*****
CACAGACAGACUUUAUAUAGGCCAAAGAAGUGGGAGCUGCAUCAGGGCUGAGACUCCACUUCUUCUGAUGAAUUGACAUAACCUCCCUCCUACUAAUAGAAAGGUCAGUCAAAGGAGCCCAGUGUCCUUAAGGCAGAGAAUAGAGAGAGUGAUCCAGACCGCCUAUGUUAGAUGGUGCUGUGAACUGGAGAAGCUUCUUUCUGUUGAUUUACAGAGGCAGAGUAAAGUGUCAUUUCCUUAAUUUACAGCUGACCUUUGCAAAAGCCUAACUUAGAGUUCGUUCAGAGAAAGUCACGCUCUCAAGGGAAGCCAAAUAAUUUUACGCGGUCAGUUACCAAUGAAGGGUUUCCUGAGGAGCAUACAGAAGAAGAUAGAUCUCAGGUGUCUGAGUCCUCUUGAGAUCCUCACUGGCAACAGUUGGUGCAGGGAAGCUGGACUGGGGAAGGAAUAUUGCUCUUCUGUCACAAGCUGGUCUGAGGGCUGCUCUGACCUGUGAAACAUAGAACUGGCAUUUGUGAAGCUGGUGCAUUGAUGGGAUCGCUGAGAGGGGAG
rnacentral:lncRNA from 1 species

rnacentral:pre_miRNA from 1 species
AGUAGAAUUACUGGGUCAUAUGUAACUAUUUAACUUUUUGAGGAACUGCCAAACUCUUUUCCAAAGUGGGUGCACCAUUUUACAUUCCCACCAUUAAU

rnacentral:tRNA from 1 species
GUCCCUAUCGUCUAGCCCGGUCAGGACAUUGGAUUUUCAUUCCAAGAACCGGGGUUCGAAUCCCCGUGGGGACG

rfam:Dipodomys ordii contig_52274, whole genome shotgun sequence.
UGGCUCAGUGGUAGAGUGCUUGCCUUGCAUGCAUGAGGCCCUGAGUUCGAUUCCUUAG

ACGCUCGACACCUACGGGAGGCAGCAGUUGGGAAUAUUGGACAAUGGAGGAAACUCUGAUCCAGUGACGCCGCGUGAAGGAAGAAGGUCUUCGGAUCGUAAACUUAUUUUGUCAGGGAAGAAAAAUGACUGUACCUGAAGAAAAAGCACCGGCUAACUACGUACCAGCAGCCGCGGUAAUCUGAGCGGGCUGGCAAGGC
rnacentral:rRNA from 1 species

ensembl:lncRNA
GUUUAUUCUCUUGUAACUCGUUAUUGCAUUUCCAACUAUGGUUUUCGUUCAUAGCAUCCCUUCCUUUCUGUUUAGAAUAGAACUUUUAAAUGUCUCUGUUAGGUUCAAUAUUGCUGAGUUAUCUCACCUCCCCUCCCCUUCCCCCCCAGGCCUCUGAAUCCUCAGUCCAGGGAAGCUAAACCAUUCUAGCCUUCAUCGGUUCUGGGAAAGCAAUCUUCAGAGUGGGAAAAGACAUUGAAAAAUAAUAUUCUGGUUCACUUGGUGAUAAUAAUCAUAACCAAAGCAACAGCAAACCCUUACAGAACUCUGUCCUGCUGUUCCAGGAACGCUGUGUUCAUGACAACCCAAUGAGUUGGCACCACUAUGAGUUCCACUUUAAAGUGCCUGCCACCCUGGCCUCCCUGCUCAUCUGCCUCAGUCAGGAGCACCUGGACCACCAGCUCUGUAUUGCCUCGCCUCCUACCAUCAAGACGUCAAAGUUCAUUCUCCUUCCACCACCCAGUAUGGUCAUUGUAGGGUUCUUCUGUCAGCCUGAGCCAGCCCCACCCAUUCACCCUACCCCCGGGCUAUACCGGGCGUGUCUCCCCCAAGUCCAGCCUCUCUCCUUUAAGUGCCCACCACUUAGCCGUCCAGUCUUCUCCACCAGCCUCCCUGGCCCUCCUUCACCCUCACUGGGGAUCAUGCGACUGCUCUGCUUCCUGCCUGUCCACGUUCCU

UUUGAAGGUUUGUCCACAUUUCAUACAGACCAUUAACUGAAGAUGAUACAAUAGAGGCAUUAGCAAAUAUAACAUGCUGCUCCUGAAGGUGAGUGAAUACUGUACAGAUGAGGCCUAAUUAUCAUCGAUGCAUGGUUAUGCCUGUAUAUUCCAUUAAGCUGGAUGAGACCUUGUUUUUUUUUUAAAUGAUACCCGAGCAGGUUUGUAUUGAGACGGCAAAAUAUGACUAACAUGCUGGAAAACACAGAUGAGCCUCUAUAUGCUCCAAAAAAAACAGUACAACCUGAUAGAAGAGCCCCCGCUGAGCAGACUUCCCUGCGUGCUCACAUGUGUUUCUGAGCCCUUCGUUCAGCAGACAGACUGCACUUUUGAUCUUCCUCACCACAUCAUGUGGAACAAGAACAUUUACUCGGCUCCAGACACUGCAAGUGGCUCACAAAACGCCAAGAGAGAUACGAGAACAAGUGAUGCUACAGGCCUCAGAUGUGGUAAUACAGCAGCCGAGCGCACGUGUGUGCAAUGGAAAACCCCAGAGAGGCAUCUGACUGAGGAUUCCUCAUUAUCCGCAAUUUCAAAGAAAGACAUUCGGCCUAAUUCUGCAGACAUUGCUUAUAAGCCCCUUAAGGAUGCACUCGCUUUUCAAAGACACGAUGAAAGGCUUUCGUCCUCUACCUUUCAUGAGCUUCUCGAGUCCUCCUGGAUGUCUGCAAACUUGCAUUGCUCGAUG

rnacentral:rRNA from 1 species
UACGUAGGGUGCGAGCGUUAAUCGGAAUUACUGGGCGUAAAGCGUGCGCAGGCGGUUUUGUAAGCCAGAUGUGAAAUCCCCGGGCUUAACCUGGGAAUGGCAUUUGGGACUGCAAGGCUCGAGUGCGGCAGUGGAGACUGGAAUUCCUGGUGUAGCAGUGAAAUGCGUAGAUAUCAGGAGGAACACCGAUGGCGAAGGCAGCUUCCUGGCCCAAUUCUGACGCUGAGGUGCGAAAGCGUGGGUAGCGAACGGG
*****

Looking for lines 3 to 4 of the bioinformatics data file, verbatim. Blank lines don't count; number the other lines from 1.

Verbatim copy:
rnacentral:pre_miRNA from 1 species
AGUAGAAUUACUGGGUCAUAUGUAACUAUUUAACUUUUUGAGGAACUGCCAAACUCUUUUCCAAAGUGGGUGCACCAUUUUACAUUCCCACCAUUAAU